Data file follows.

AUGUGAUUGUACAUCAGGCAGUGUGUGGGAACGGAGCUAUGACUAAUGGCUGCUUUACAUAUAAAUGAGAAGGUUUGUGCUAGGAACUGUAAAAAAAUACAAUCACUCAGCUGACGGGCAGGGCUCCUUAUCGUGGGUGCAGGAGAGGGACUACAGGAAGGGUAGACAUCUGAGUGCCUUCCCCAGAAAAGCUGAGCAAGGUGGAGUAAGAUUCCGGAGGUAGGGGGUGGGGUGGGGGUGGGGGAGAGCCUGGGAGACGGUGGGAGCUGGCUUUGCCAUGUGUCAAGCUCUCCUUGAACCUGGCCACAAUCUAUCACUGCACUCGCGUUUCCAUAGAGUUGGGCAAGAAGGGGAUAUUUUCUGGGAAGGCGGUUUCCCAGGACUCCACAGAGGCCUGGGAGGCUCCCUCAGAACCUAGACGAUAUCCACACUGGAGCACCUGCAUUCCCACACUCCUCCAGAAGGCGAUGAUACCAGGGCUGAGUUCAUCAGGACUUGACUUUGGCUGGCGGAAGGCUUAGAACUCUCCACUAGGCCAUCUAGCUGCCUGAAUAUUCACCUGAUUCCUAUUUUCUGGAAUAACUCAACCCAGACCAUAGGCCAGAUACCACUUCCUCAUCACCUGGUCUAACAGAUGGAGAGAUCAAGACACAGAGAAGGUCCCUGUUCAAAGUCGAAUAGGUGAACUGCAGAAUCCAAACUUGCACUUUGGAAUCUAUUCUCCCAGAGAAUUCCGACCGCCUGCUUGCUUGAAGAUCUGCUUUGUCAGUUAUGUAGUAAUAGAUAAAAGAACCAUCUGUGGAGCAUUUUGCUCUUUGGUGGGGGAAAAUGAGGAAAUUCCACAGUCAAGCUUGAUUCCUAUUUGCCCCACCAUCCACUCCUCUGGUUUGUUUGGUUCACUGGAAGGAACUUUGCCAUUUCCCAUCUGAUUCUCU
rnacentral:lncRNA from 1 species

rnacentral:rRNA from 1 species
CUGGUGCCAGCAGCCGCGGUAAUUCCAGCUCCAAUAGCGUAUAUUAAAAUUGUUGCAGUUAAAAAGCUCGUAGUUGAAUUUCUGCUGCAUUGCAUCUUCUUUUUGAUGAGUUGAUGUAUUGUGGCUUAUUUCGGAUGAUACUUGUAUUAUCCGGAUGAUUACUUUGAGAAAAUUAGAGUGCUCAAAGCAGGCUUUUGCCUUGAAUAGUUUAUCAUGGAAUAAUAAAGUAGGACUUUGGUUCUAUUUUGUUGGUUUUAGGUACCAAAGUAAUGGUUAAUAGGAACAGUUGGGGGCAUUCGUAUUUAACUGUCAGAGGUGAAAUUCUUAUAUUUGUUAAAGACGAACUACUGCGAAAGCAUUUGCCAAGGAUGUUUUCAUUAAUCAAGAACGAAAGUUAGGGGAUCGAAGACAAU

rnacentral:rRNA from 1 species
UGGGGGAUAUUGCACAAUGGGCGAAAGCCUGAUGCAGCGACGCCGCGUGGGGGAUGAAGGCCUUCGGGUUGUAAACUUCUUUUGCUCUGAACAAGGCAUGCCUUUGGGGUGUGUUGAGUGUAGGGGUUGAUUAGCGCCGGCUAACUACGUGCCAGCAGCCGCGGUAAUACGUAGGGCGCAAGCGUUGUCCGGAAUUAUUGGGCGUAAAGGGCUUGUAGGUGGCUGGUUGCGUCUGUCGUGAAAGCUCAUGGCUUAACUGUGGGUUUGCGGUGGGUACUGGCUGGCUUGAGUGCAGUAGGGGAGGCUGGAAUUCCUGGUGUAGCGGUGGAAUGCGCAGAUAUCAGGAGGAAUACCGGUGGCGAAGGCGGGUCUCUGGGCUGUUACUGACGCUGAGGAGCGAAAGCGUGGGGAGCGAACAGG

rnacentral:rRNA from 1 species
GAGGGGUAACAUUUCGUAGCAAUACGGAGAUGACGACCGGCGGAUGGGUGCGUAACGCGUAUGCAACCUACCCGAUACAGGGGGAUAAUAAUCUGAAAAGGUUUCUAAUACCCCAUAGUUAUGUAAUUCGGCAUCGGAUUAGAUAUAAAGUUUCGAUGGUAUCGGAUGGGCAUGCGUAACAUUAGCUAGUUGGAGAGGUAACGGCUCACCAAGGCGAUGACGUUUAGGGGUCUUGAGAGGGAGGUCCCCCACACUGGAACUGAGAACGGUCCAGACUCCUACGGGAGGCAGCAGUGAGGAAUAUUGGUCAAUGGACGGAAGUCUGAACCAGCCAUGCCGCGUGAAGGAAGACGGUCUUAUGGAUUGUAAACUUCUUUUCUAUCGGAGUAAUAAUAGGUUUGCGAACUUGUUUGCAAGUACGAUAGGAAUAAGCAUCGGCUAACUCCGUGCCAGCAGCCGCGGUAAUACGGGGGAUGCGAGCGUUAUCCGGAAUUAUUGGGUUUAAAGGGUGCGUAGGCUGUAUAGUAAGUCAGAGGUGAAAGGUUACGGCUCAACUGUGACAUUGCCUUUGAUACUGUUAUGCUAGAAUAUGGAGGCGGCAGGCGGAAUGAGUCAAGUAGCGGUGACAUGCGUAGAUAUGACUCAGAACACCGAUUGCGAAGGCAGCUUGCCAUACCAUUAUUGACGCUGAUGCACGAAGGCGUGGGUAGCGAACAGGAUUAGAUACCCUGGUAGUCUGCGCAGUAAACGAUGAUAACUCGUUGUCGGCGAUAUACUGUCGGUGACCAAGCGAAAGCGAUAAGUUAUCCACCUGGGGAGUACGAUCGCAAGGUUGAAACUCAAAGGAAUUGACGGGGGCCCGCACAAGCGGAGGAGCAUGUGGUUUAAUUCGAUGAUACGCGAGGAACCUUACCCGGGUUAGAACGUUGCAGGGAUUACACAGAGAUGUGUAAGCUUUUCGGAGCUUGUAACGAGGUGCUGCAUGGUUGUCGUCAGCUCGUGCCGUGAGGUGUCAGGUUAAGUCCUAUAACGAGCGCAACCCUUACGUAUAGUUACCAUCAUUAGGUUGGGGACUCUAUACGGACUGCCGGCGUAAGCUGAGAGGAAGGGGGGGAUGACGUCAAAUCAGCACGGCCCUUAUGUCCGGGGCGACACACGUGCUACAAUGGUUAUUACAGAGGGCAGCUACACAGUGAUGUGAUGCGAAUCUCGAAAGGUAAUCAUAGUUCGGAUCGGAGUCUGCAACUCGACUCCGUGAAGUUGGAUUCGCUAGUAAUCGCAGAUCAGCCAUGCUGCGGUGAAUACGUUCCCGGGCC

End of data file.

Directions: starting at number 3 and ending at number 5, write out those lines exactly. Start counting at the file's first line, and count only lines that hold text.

rnacentral:rRNA from 1 species
CUGGUGCCAGCAGCCGCGGUAAUUCCAGCUCCAAUAGCGUAUAUUAAAAUUGUUGCAGUUAAAAAGCUCGUAGUUGAAUUUCUGCUGCAUUGCAUCUUCUUUUUGAUGAGUUGAUGUAUUGUGGCUUAUUUCGGAUGAUACUUGUAUUAUCCGGAUGAUUACUUUGAGAAAAUUAGAGUGCUCAAAGCAGGCUUUUGCCUUGAAUAGUUUAUCAUGGAAUAAUAAAGUAGGACUUUGGUUCUAUUUUGUUGGUUUUAGGUACCAAAGUAAUGGUUAAUAGGAACAGUUGGGGGCAUUCGUAUUUAACUGUCAGAGGUGAAAUUCUUAUAUUUGUUAAAGACGAACUACUGCGAAAGCAUUUGCCAAGGAUGUUUUCAUUAAUCAAGAACGAAAGUUAGGGGAUCGAAGACAAU

rnacentral:rRNA from 1 species